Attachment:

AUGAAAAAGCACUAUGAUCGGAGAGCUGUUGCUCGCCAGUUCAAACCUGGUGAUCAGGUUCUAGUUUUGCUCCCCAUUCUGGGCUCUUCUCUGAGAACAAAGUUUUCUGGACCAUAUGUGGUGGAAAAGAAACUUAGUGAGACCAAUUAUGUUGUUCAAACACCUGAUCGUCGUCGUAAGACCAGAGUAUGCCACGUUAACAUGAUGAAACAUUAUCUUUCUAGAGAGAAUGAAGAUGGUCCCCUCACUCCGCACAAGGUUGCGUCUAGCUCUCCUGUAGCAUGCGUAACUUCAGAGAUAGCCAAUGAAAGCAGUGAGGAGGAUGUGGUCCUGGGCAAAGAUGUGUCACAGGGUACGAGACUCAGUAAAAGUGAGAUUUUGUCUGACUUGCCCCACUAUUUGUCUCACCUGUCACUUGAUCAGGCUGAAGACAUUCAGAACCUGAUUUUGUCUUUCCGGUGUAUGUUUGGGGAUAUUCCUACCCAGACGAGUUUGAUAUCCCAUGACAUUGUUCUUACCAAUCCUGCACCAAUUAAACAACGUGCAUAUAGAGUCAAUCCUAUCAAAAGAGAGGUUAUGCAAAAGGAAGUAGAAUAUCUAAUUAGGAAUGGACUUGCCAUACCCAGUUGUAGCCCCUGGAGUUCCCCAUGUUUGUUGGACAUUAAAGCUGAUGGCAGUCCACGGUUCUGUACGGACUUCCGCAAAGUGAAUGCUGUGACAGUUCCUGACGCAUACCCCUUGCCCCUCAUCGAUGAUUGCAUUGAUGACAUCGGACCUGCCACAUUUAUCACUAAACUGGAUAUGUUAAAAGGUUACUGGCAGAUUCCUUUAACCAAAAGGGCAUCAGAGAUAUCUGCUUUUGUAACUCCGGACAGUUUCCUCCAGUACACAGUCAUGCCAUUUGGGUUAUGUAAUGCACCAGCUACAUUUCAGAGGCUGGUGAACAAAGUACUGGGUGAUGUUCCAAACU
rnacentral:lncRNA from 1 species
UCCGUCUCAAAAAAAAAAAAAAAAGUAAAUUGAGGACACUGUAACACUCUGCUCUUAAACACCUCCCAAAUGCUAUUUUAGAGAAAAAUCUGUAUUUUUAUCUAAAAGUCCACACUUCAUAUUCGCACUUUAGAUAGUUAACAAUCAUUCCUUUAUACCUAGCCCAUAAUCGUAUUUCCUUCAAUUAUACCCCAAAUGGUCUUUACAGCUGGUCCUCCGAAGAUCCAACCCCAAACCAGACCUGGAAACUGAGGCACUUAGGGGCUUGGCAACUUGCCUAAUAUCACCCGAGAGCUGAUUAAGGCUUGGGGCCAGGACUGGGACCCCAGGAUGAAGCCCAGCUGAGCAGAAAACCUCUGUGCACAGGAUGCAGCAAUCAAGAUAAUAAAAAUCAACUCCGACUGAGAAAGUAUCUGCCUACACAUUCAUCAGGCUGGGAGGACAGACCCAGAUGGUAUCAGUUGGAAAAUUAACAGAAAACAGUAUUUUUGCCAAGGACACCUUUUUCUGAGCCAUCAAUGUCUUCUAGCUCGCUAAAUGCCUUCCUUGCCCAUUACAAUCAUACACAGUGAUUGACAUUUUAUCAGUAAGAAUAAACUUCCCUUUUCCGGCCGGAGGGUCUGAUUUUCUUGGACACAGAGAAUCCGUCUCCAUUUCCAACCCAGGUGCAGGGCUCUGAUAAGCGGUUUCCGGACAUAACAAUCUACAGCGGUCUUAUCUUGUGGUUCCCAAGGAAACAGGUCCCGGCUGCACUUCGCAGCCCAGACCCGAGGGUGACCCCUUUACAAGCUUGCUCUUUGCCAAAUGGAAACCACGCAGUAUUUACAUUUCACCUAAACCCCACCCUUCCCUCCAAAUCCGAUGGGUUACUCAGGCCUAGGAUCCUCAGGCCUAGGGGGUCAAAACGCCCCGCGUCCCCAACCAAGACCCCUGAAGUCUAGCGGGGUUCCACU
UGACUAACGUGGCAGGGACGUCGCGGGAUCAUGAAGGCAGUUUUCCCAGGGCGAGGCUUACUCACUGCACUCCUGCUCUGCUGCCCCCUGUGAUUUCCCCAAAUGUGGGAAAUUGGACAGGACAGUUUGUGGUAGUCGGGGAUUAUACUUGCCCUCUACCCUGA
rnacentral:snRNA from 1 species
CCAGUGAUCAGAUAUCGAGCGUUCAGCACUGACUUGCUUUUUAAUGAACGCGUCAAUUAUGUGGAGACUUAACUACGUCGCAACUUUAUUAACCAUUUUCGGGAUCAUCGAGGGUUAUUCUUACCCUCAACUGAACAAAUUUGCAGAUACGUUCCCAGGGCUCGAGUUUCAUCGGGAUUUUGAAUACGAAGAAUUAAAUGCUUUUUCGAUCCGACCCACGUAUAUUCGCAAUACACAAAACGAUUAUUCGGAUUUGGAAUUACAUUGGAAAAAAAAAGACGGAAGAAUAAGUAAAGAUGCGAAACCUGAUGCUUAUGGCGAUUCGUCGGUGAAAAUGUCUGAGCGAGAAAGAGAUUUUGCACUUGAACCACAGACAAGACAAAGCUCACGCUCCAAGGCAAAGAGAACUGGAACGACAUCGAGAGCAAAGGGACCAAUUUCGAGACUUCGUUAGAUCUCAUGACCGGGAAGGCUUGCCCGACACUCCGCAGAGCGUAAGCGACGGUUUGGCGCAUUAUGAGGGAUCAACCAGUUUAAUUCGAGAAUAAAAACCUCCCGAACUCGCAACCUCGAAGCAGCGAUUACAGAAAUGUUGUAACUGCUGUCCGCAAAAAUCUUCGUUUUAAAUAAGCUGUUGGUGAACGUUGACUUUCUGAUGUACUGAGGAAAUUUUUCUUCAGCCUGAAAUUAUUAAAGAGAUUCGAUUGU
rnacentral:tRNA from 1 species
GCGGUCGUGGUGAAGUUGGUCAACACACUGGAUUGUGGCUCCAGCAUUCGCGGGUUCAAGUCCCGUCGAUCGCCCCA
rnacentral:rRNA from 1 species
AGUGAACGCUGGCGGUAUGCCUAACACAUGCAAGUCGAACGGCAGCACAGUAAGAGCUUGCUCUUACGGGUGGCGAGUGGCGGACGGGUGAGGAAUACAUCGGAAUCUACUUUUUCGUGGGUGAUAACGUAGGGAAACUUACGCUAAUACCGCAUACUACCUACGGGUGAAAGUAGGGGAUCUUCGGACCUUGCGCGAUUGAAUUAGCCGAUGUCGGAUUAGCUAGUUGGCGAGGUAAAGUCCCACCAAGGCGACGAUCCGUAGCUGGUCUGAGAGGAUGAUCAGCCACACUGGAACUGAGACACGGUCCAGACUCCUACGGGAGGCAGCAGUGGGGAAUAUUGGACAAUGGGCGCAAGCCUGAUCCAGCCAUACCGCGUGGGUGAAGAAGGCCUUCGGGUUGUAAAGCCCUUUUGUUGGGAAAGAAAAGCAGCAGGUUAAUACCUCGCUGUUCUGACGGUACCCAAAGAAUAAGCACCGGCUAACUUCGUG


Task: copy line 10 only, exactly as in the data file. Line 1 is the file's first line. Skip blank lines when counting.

AGUGAACGCUGGCGGUAUGCCUAACACAUGCAAGUCGAACGGCAGCACAGUAAGAGCUUGCUCUUACGGGUGGCGAGUGGCGGACGGGUGAGGAAUACAUCGGAAUCUACUUUUUCGUGGGUGAUAACGUAGGGAAACUUACGCUAAUACCGCAUACUACCUACGGGUGAAAGUAGGGGAUCUUCGGACCUUGCGCGAUUGAAUUAGCCGAUGUCGGAUUAGCUAGUUGGCGAGGUAAAGUCCCACCAAGGCGACGAUCCGUAGCUGGUCUGAGAGGAUGAUCAGCCACACUGGAACUGAGACACGGUCCAGACUCCUACGGGAGGCAGCAGUGGGGAAUAUUGGACAAUGGGCGCAAGCCUGAUCCAGCCAUACCGCGUGGGUGAAGAAGGCCUUCGGGUUGUAAAGCCCUUUUGUUGGGAAAGAAAAGCAGCAGGUUAAUACCUCGCUGUUCUGACGGUACCCAAAGAAUAAGCACCGGCUAACUUCGUG